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Scenes of prisoner abuses in "Zero Dark Thirty," the Kathryn Bigelow film on the hunt for Osama bin Laden, have reawakened a debate over the United States's use of torture that should have been fully and publicly vetted long ago.
Whether the Bush administration's enhanced interrogations program, a.k.a. torture, "worked," is the question being kicked around, as if that should matter in a nation committed to human rights.
Knowledgeable commentators have taken both sides. Jose Rodriguez Jr., who oversaw the agency's counterterrorism operations at the time, says the harsh techniques elicited information that did contribute to locating bin Laden. Opposing that view are Michael Morell, acting CIA director, and Sen. Dianne Feinstein, D-Calif., chairwoman of the
Feinstein said a just-completed 6,000-page committee study highly critical of the CIA detention and interrogation program under President Bush demonstrates that information gained from mistreating prisoners did not play a significant role in finding bin Laden.
But since the report is classified, we can't see for ourselves. You would think that once there is a blockbuster Hollywood movie depicting the CIA's torture program, it's no longer a secret. Releasing the report would be a valuable service by both clearing up these questions and as a "how could we go so wrong?" lesson.
The secrecy bespeaks a deep humiliation at how America reacted to the al-Qaida threat with CIA black-site prisons, extraordinary renditions and prisoner mistreatment. We don't want to be reminded of what we did, whether it occasionally "worked" or not. In those dank cells, our once-proud principles of due process and the rule of law were reduced to rubble. Our self-image of the American character was indelibly stained.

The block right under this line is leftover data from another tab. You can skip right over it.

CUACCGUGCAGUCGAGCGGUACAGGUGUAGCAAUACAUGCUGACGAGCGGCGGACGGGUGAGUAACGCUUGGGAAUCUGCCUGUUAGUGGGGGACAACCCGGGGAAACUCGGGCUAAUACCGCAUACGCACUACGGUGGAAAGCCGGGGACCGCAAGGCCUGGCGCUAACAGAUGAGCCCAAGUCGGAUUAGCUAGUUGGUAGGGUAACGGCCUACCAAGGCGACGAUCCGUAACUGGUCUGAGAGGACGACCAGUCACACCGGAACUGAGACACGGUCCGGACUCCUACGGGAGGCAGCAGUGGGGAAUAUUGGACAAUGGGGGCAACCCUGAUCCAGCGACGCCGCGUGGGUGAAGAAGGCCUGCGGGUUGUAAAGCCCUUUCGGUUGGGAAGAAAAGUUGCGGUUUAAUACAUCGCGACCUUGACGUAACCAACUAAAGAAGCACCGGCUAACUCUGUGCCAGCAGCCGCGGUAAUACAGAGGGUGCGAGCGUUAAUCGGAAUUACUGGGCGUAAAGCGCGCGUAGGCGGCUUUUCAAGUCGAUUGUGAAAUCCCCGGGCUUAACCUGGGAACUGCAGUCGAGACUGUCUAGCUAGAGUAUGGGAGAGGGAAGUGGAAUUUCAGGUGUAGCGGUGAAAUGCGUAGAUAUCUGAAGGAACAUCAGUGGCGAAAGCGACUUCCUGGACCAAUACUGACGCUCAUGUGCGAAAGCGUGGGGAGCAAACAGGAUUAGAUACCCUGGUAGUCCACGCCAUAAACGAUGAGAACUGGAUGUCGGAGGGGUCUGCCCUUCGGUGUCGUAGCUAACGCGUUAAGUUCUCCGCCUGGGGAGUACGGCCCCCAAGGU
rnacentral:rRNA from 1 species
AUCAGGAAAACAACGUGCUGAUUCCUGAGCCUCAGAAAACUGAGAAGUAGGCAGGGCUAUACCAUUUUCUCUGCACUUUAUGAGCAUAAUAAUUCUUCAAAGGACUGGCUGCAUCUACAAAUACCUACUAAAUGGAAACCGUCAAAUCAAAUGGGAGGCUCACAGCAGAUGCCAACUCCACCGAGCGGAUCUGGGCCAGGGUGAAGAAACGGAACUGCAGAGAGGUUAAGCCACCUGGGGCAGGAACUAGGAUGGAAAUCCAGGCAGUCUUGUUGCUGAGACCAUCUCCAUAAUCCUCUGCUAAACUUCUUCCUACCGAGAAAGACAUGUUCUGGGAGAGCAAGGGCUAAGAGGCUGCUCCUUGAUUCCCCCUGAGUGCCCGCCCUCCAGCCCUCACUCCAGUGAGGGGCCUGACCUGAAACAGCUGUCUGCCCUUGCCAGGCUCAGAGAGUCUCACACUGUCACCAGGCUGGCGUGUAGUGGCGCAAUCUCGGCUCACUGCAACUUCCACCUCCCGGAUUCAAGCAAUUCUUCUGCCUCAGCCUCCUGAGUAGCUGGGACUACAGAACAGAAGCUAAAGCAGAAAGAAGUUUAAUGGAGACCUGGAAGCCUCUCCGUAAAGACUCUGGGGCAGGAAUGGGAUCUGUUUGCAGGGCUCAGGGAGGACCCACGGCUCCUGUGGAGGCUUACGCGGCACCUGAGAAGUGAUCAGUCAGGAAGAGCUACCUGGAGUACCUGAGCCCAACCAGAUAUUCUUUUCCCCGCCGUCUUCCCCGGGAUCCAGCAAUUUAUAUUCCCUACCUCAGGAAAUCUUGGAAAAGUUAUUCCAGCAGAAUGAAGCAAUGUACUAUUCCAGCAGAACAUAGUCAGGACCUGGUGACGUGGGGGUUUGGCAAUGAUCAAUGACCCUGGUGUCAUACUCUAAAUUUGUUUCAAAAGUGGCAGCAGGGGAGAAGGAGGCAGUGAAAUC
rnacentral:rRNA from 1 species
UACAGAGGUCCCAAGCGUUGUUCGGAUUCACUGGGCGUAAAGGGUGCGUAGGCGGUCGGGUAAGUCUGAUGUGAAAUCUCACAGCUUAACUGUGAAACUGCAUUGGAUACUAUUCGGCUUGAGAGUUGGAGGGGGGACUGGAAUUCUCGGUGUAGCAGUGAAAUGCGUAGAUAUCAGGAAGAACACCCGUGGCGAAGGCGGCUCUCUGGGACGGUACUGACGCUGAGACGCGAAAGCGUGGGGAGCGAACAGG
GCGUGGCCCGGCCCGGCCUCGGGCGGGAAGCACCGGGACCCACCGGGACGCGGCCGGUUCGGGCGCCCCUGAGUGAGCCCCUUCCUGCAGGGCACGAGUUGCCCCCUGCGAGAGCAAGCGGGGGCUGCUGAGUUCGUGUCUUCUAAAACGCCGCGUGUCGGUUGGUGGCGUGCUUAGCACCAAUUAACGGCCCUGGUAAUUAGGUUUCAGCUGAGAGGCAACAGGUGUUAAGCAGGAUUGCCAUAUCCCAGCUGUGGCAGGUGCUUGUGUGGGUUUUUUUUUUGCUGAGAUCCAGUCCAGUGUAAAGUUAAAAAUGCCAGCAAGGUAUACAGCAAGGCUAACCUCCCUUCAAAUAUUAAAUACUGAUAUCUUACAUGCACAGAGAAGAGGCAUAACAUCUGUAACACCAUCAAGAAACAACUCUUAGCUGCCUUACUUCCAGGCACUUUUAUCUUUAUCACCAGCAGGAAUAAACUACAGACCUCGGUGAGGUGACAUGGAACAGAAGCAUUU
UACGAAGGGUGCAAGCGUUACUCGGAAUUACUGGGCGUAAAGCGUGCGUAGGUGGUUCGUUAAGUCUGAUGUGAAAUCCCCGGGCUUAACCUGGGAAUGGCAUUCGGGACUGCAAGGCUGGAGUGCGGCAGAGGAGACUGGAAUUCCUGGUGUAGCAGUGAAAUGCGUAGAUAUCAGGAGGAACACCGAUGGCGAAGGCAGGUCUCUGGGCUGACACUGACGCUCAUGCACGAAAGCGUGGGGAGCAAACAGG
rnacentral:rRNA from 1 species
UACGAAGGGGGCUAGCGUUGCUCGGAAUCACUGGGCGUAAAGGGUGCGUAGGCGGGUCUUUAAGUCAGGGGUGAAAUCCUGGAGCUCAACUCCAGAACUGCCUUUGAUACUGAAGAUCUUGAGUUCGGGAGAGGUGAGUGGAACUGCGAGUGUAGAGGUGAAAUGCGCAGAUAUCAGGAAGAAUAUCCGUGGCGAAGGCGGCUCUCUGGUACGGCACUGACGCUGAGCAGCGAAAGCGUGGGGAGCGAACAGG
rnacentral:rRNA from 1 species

Even the federal courts don't want to go there. To keep innocent torture victims from suing, they have accepted fatuous claims asserted by both the Bush and Obama administrations that it would jeopardize national security.
Typically at year's end I give out the "Freeby" award to the person or institution that did the most to advance civil liberties. This year I look beyond our borders to a courageous stand against the CIA's mistreatment of prisoners.
Earlier this month, the court handed El-Masri, a German national, a victory against Macedonia for its complicity in his torture within the CIA's extraordinary rendition program nine years ago. America was not directly on trial, but our guilt was clear.
On Dec. 31, 2003, El-Masri was detained after his name was found to be similar to that of an al-Qaida suspect. Macedonian officials held him incommunicado for 23 days at America's request. After that, he was turned over to the CIA at Skopje Airport, where the court found that he was severely beaten, stripped and forcibly sodomized with a suppository and flown to Afghanistan. For months El-Masri was held in a cold, unheated cell at the "Salt Pit," a secret CIA-run prison. Even after it became evident his detention was a mistake, El-Masri wasn't immediately released. Finally at the end of May 2004, he was taken and dumped at a roadside in Albania, left to find his way home to Germany.
Since then, El-Masri's efforts to get justice in U.S. courts have failed. The "state secrets" defense defeated any consideration of his claim. Astoundingly, the United States has never apologized for what happened to him or even publicly acknowledged it.
So if anyone wants to debate the efficacy of "Zero Dark Thirty"-style torture, let's do it with the full record before us. Make the
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